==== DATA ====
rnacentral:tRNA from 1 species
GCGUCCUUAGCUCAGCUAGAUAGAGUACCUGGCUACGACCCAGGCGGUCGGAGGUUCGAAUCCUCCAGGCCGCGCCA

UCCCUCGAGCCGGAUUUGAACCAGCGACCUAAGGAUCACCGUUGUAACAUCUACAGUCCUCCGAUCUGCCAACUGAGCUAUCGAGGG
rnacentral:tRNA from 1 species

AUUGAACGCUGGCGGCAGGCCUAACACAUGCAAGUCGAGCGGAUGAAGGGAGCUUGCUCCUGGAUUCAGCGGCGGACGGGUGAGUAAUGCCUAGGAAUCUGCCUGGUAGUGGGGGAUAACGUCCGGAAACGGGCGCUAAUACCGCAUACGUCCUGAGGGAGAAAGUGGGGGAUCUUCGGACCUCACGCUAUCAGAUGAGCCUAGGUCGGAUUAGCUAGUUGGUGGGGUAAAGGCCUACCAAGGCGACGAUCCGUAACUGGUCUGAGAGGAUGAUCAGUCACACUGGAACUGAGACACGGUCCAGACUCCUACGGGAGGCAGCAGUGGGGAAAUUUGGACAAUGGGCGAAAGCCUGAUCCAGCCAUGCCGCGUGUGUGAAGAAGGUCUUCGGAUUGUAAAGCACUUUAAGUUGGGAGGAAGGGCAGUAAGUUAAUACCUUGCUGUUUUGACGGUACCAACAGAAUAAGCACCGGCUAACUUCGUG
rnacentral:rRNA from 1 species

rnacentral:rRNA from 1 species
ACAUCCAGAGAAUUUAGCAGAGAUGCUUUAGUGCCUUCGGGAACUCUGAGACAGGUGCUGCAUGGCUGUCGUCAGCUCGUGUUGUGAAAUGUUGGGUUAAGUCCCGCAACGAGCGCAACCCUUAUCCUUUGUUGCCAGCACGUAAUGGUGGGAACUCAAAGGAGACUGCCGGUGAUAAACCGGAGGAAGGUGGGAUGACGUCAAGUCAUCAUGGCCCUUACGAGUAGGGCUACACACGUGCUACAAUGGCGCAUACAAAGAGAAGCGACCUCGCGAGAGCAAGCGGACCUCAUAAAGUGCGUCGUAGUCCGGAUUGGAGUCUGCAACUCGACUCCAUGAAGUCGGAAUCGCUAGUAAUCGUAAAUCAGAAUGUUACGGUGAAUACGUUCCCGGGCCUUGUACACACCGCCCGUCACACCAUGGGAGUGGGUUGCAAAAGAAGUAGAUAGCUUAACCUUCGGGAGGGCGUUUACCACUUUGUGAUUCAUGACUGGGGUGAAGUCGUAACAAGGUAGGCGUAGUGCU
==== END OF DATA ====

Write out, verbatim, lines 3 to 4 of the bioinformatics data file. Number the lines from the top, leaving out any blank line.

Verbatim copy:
UCCCUCGAGCCGGAUUUGAACCAGCGACCUAAGGAUCACCGUUGUAACAUCUACAGUCCUCCGAUCUGCCAACUGAGCUAUCGAGGG
rnacentral:tRNA from 1 species